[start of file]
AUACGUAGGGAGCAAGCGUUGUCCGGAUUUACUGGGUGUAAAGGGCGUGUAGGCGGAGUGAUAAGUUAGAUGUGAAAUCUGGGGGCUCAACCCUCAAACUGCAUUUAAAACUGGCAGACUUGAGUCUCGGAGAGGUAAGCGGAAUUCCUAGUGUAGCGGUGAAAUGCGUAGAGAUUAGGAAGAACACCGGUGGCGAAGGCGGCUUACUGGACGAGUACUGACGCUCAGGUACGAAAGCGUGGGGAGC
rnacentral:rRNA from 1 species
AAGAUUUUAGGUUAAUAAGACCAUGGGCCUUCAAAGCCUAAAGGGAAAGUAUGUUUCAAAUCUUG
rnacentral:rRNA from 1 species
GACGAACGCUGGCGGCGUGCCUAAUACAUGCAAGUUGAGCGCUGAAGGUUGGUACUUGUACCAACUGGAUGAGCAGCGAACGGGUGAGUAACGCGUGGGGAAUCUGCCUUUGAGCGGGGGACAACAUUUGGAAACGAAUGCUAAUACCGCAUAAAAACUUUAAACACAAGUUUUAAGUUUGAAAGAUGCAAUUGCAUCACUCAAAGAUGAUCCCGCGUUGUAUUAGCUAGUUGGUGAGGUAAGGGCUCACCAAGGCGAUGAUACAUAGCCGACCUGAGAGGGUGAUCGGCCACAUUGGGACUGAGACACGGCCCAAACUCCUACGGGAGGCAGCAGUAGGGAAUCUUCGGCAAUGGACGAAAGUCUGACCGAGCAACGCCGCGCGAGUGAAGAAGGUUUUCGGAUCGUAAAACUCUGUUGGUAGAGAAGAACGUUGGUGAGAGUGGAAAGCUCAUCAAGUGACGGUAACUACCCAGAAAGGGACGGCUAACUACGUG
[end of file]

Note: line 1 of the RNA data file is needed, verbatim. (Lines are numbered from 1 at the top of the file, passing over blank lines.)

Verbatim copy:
AUACGUAGGGAGCAAGCGUUGUCCGGAUUUACUGGGUGUAAAGGGCGUGUAGGCGGAGUGAUAAGUUAGAUGUGAAAUCUGGGGGCUCAACCCUCAAACUGCAUUUAAAACUGGCAGACUUGAGUCUCGGAGAGGUAAGCGGAAUUCCUAGUGUAGCGGUGAAAUGCGUAGAGAUUAGGAAGAACACCGGUGGCGAAGGCGGCUUACUGGACGAGUACUGACGCUCAGGUACGAAAGCGUGGGGAGC